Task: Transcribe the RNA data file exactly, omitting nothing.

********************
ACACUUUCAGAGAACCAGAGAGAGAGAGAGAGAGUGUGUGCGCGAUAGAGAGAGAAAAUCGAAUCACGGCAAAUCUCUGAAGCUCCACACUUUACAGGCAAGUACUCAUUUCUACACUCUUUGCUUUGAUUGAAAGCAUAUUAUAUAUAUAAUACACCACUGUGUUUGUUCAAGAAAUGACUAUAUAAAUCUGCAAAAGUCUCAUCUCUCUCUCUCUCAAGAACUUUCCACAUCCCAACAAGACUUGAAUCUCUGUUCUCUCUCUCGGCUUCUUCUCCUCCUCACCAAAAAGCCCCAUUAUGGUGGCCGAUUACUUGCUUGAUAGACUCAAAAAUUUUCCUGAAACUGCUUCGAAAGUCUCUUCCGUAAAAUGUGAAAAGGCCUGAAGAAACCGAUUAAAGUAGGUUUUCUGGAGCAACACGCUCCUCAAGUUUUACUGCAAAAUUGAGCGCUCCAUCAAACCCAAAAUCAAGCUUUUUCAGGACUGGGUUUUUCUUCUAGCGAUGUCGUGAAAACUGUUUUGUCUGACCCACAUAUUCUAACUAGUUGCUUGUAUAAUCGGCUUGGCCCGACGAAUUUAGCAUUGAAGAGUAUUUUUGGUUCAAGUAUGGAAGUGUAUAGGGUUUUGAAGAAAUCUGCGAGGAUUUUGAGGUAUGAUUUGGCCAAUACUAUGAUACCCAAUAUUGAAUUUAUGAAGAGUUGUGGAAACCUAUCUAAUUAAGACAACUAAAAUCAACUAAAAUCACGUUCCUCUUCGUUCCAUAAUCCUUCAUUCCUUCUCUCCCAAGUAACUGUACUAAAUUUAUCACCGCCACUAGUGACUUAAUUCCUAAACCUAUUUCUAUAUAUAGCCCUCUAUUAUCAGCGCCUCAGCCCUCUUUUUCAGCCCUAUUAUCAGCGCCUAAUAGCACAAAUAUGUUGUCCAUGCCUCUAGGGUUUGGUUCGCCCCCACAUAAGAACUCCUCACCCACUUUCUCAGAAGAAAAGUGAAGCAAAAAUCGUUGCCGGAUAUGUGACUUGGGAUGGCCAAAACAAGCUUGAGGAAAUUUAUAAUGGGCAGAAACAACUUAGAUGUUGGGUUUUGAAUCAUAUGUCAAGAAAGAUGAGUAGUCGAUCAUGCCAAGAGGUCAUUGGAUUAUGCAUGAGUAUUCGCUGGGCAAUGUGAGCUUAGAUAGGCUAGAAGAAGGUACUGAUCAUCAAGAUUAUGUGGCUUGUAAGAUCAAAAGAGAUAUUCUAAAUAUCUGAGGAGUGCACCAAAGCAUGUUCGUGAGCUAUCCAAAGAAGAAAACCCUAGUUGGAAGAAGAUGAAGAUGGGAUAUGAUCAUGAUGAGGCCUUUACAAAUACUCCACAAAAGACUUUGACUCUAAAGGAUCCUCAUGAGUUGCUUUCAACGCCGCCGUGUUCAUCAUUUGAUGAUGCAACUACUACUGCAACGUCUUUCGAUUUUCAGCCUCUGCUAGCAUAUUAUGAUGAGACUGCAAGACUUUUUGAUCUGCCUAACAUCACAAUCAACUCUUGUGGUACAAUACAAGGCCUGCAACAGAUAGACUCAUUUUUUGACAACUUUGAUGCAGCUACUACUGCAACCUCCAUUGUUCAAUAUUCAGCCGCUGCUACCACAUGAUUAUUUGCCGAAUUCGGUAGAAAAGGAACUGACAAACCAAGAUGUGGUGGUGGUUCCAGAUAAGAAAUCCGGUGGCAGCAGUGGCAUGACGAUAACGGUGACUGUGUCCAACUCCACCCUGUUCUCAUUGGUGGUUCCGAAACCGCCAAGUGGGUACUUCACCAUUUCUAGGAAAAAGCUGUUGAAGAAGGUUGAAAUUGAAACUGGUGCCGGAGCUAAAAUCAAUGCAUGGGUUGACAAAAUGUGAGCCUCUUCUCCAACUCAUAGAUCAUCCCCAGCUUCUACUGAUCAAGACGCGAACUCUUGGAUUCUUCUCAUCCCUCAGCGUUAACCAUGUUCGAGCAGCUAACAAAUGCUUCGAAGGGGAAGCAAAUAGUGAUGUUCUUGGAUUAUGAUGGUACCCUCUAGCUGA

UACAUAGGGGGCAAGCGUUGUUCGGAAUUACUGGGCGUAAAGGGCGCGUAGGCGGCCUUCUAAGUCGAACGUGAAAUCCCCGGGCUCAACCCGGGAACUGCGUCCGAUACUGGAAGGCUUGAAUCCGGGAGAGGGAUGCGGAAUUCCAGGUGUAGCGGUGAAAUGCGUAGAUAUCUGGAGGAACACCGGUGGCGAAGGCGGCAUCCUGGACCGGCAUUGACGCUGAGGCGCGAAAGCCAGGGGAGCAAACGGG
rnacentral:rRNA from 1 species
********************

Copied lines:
ACACUUUCAGAGAACCAGAGAGAGAGAGAGAGAGUGUGUGCGCGAUAGAGAGAGAAAAUCGAAUCACGGCAAAUCUCUGAAGCUCCACACUUUACAGGCAAGUACUCAUUUCUACACUCUUUGCUUUGAUUGAAAGCAUAUUAUAUAUAUAAUACACCACUGUGUUUGUUCAAGAAAUGACUAUAUAAAUCUGCAAAAGUCUCAUCUCUCUCUCUCUCAAGAACUUUCCACAUCCCAACAAGACUUGAAUCUCUGUUCUCUCUCUCGGCUUCUUCUCCUCCUCACCAAAAAGCCCCAUUAUGGUGGCCGAUUACUUGCUUGAUAGACUCAAAAAUUUUCCUGAAACUGCUUCGAAAGUCUCUUCCGUAAAAUGUGAAAAGGCCUGAAGAAACCGAUUAAAGUAGGUUUUCUGGAGCAACACGCUCCUCAAGUUUUACUGCAAAAUUGAGCGCUCCAUCAAACCCAAAAUCAAGCUUUUUCAGGACUGGGUUUUUCUUCUAGCGAUGUCGUGAAAACUGUUUUGUCUGACCCACAUAUUCUAACUAGUUGCUUGUAUAAUCGGCUUGGCCCGACGAAUUUAGCAUUGAAGAGUAUUUUUGGUUCAAGUAUGGAAGUGUAUAGGGUUUUGAAGAAAUCUGCGAGGAUUUUGAGGUAUGAUUUGGCCAAUACUAUGAUACCCAAUAUUGAAUUUAUGAAGAGUUGUGGAAACCUAUCUAAUUAAGACAACUAAAAUCAACUAAAAUCACGUUCCUCUUCGUUCCAUAAUCCUUCAUUCCUUCUCUCCCAAGUAACUGUACUAAAUUUAUCACCGCCACUAGUGACUUAAUUCCUAAACCUAUUUCUAUAUAUAGCCCUCUAUUAUCAGCGCCUCAGCCCUCUUUUUCAGCCCUAUUAUCAGCGCCUAAUAGCACAAAUAUGUUGUCCAUGCCUCUAGGGUUUGGUUCGCCCCCACAUAAGAACUCCUCACCCACUUUCUCAGAAGAAAAGUGAAGCAAAAAUCGUUGCCGGAUAUGUGACUUGGGAUGGCCAAAACAAGCUUGAGGAAAUUUAUAAUGGGCAGAAACAACUUAGAUGUUGGGUUUUGAAUCAUAUGUCAAGAAAGAUGAGUAGUCGAUCAUGCCAAGAGGUCAUUGGAUUAUGCAUGAGUAUUCGCUGGGCAAUGUGAGCUUAGAUAGGCUAGAAGAAGGUACUGAUCAUCAAGAUUAUGUGGCUUGUAAGAUCAAAAGAGAUAUUCUAAAUAUCUGAGGAGUGCACCAAAGCAUGUUCGUGAGCUAUCCAAAGAAGAAAACCCUAGUUGGAAGAAGAUGAAGAUGGGAUAUGAUCAUGAUGAGGCCUUUACAAAUACUCCACAAAAGACUUUGACUCUAAAGGAUCCUCAUGAGUUGCUUUCAACGCCGCCGUGUUCAUCAUUUGAUGAUGCAACUACUACUGCAACGUCUUUCGAUUUUCAGCCUCUGCUAGCAUAUUAUGAUGAGACUGCAAGACUUUUUGAUCUGCCUAACAUCACAAUCAACUCUUGUGGUACAAUACAAGGCCUGCAACAGAUAGACUCAUUUUUUGACAACUUUGAUGCAGCUACUACUGCAACCUCCAUUGUUCAAUAUUCAGCCGCUGCUACCACAUGAUUAUUUGCCGAAUUCGGUAGAAAAGGAACUGACAAACCAAGAUGUGGUGGUGGUUCCAGAUAAGAAAUCCGGUGGCAGCAGUGGCAUGACGAUAACGGUGACUGUGUCCAACUCCACCCUGUUCUCAUUGGUGGUUCCGAAACCGCCAAGUGGGUACUUCACCAUUUCUAGGAAAAAGCUGUUGAAGAAGGUUGAAAUUGAAACUGGUGCCGGAGCUAAAAUCAAUGCAUGGGUUGACAAAAUGUGAGCCUCUUCUCCAACUCAUAGAUCAUCCCCAGCUUCUACUGAUCAAGACGCGAACUCUUGGAUUCUUCUCAUCCCUCAGCGUUAACCAUGUUCGAGCAGCUAACAAAUGCUUCGAAGGGGAAGCAAAUAGUGAUGUUCUUGGAUUAUGAUGGUACCCUCUAGCUGA

UACAUAGGGGGCAAGCGUUGUUCGGAAUUACUGGGCGUAAAGGGCGCGUAGGCGGCCUUCUAAGUCGAACGUGAAAUCCCCGGGCUCAACCCGGGAACUGCGUCCGAUACUGGAAGGCUUGAAUCCGGGAGAGGGAUGCGGAAUUCCAGGUGUAGCGGUGAAAUGCGUAGAUAUCUGGAGGAACACCGGUGGCGAAGGCGGCAUCCUGGACCGGCAUUGACGCUGAGGCGCGAAAGCCAGGGGAGCAAACGGG
rnacentral:rRNA from 1 species